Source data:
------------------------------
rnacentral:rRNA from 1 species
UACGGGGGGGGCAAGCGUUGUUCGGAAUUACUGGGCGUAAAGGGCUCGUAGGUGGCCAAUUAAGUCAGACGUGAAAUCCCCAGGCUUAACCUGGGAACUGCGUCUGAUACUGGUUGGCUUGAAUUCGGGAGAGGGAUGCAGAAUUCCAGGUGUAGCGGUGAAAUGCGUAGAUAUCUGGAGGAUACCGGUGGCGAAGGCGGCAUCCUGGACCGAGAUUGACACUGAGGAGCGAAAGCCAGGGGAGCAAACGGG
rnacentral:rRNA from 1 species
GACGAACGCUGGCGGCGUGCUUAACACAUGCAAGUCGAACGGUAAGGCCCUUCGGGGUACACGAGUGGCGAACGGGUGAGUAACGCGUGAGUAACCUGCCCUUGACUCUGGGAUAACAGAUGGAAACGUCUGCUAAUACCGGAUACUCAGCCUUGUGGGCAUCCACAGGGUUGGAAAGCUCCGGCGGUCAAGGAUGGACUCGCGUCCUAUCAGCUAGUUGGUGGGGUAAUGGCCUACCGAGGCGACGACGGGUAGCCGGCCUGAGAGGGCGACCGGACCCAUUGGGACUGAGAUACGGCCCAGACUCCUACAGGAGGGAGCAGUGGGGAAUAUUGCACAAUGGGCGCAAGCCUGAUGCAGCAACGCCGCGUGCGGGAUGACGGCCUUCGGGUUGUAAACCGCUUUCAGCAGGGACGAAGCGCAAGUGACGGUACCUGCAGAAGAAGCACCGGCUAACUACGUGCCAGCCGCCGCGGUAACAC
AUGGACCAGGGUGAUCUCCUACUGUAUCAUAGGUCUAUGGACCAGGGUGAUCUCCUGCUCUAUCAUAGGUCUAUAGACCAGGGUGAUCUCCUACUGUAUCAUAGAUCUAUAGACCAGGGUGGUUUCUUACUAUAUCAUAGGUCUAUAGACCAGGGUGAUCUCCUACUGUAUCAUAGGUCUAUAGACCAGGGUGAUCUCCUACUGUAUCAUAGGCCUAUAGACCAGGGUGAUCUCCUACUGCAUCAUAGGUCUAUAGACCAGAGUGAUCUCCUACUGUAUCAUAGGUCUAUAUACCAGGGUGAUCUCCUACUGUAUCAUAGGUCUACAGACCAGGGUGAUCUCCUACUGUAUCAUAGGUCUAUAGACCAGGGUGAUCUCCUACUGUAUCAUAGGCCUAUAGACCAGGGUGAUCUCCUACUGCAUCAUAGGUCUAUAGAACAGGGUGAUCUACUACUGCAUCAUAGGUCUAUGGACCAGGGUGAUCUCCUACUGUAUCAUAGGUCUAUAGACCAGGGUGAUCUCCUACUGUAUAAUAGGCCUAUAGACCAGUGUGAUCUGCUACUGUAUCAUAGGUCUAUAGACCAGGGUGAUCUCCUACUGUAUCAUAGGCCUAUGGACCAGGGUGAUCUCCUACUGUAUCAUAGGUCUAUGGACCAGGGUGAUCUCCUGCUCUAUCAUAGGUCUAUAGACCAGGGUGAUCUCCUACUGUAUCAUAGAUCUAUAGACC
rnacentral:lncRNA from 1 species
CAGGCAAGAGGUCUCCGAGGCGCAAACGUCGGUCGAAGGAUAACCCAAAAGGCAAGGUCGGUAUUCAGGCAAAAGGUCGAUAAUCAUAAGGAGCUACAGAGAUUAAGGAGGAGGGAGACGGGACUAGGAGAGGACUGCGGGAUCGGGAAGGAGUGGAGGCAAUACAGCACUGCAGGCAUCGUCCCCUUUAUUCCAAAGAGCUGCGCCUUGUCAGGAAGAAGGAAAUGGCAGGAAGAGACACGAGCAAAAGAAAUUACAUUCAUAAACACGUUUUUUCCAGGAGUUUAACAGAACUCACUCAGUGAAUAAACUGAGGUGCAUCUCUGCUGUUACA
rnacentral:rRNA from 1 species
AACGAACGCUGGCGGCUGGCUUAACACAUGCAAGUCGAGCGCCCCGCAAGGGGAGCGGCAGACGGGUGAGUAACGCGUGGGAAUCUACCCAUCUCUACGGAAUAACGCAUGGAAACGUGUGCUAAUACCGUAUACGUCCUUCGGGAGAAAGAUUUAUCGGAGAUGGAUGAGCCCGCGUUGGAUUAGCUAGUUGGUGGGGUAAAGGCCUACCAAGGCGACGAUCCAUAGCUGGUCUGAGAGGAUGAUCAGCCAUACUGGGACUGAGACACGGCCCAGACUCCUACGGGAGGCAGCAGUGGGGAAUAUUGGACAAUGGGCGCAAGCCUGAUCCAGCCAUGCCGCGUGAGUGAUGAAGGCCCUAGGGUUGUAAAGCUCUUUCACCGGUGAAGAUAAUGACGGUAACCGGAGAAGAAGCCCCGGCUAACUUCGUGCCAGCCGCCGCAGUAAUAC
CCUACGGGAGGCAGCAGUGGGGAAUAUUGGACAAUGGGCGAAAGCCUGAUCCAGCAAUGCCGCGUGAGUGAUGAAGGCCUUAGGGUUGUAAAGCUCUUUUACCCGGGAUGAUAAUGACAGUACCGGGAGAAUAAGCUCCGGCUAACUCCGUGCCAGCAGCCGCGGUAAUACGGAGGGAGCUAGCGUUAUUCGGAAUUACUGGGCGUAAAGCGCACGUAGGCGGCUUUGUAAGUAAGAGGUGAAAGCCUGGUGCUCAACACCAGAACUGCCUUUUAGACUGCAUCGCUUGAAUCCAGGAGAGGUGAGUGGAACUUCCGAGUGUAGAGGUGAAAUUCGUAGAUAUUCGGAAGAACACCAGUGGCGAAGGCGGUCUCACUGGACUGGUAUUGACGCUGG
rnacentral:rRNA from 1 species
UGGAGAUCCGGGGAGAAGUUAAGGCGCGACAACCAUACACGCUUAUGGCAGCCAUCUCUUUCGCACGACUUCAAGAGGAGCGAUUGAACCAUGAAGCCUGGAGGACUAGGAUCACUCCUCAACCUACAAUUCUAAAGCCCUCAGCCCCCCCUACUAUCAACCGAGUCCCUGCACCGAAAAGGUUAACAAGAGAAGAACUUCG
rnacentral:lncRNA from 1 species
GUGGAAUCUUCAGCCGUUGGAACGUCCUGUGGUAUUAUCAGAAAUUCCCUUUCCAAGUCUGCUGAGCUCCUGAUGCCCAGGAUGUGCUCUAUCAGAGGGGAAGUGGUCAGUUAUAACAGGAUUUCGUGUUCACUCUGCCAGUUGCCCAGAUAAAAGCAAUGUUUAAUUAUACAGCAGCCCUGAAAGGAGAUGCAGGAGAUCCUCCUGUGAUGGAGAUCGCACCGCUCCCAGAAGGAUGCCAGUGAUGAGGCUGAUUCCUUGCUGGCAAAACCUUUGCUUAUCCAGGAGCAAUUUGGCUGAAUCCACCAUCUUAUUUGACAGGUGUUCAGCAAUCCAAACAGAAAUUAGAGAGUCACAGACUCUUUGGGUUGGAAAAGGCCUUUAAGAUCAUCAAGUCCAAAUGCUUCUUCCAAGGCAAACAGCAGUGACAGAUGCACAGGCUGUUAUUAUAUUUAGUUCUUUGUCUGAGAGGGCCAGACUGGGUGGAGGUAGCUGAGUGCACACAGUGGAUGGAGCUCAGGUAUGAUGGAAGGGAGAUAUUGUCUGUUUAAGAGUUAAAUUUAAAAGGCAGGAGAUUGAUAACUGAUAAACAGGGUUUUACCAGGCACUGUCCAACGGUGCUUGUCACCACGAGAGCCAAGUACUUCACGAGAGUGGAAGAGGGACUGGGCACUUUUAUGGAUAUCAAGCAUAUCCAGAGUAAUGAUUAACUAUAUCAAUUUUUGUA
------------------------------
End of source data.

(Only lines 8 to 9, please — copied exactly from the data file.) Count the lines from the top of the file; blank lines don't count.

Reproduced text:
rnacentral:rRNA from 1 species
AACGAACGCUGGCGGCUGGCUUAACACAUGCAAGUCGAGCGCCCCGCAAGGGGAGCGGCAGACGGGUGAGUAACGCGUGGGAAUCUACCCAUCUCUACGGAAUAACGCAUGGAAACGUGUGCUAAUACCGUAUACGUCCUUCGGGAGAAAGAUUUAUCGGAGAUGGAUGAGCCCGCGUUGGAUUAGCUAGUUGGUGGGGUAAAGGCCUACCAAGGCGACGAUCCAUAGCUGGUCUGAGAGGAUGAUCAGCCAUACUGGGACUGAGACACGGCCCAGACUCCUACGGGAGGCAGCAGUGGGGAAUAUUGGACAAUGGGCGCAAGCCUGAUCCAGCCAUGCCGCGUGAGUGAUGAAGGCCCUAGGGUUGUAAAGCUCUUUCACCGGUGAAGAUAAUGACGGUAACCGGAGAAGAAGCCCCGGCUAACUUCGUGCCAGCCGCCGCAGUAAUAC